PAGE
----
Although machine learning has been used for improving 3D printing (additive manufacturing) in various ways, such as process optimization, manufacturing defect detection, and accuracy analysis, it has not been employed as much as it should in 3D bioprinting. Undoubtedly, it significantly affects the future development of this field [139,141].

4.1. Printability

Biofabrication works in the field of automated generation of functional biological products. Most of the techniques used in biofabrication were developed when additive manufacturing developed. Recently, ML was added to this field to cover key aspects impacting the biofabrication process efficiency directly. It would be valuable during material preparation, model designing, process optimization and monitoring. Developed algorithms can assist designers in choosing ideal printing orientation and material preparation, reduce design time, and consequently improve printability [142].
Raberu et al. [143] used machine learning as a novel method to evaluate printability quantitatively and optimize printing parameters. Ink concentration, temperature, driving pressure, needle speed, and platform temperature were considered as inputs (Figure 9). Printability was evaluated by printing scores based on two fundamental criteria: printing filament morphology during the extrusion process and pore architecture on later stacking (Figure 10).
Recognizing anomalies accurately in layer-by-layer bioprinted configurations is another potential task of ML in medical projects. A camera mounted at the side of the printhead captured images of each layer as raw data for the machine learning tool. Three major anomalies, including discontinuity (broken raster), irregularity (improper line width), and nonuniformity (unsmooth surface), were recognized in the first layer of printed structures. Machine learning could properly recognize the anomalies and optimize printing parameters based on them [144].
Shi et al. [145,146] employed a multiobjective optimization method and artificial neural network with computational fluid dynamics to simulate droplet formation and flow behaviour in drop-on-demand printing. Printing Silicone elastomer via freeform reversible embedding (FRE) is challenging due to depositing a Newtonian ink within a Bingham plastic support. To achieve this goal, hierarchical machine learning (HML) was employed, and the results showed that it is an effective tool to optimize printability factors [147]. Conev et al. [148] used an ML-based framework, printing conditions and printing parameters to predict the quality of print as “low quality” or “high quality”. Two methods were applied: a direct classification-based approach was used to train a classifier to distinguish between low and high printing quality, and a regression model was employed to approximate the values of a printing quality metric.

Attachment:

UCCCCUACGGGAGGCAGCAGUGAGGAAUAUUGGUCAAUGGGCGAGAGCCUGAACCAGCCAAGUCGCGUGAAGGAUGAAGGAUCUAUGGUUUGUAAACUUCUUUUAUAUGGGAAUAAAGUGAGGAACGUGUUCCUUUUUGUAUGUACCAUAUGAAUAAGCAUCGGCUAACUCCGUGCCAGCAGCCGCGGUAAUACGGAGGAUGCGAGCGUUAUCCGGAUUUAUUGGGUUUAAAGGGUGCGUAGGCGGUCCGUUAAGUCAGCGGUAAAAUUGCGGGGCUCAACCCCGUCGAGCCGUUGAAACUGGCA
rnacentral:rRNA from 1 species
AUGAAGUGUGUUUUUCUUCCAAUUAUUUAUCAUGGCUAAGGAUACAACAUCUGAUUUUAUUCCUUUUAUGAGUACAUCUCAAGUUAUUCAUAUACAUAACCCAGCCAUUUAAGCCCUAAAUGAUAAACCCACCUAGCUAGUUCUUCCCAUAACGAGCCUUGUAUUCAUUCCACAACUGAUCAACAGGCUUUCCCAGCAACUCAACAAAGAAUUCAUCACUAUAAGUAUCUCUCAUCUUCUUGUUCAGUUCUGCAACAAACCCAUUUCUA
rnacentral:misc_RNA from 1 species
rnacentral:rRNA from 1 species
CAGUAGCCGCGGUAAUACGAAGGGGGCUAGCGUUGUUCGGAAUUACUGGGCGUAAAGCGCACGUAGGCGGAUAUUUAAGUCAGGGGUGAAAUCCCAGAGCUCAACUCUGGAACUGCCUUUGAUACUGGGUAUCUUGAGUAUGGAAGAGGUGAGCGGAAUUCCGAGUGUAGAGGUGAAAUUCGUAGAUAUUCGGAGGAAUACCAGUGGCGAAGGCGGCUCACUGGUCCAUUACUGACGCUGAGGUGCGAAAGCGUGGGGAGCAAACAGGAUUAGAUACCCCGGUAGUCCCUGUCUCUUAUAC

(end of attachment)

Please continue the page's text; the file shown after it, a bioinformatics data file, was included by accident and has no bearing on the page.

Another research utilized machine learning to predict the printability of various mixtures of collagen and fibrin. The rheological properties of inks were measured by a rheometer. Shape fidelity of inks was observed after printing and the data used by machine learning algorithms. As a result of machine learning analysis, the printable ink should have a high G’ for high fidelity and low τy for extrusion. A relationship was obtained to predict printable ink with high G’ and low τy. The Schematic of the process can be seen in Figure 11 [149].

4.2. Cell Viability

Despite the extensive experimental work carried out in extrusion-based bioprinting, a comprehensive view of individual and combined effective parameters on cell viability is not straightforward to achieve because of the various parameters. Different models of extrusion process have evolved from analytical models based on simplifying assumptions to using CFD to simulate complex flow behaviour and nozzles shape. Computational methods were used to optimize process parameters. Increasing computational power and rapid development of various algorithms are making data analysis techniques, such as machine learning, appropriate to address optimization challenges [138].
In the matter of employing ML to predict cell viability, little research has been reported. Reina-Romo et al. [138] developed an in silico framework to assess the effect of nozzle geometry, printing pressure, and material properties on the maximum shear stress as some of the main causes of cell mortality. They used CFD via OpenFoam software to simulate various shapes of nozzle and extrusion conditions; then, the Gaussian process was utilized to analyze the data and identify parameters affected by shear stress and related cell viability. Unlike ANOVA, the Gaussian process not only estimates the importance of individual parameters but also the influence of parameters on the outcome of a model is predicted.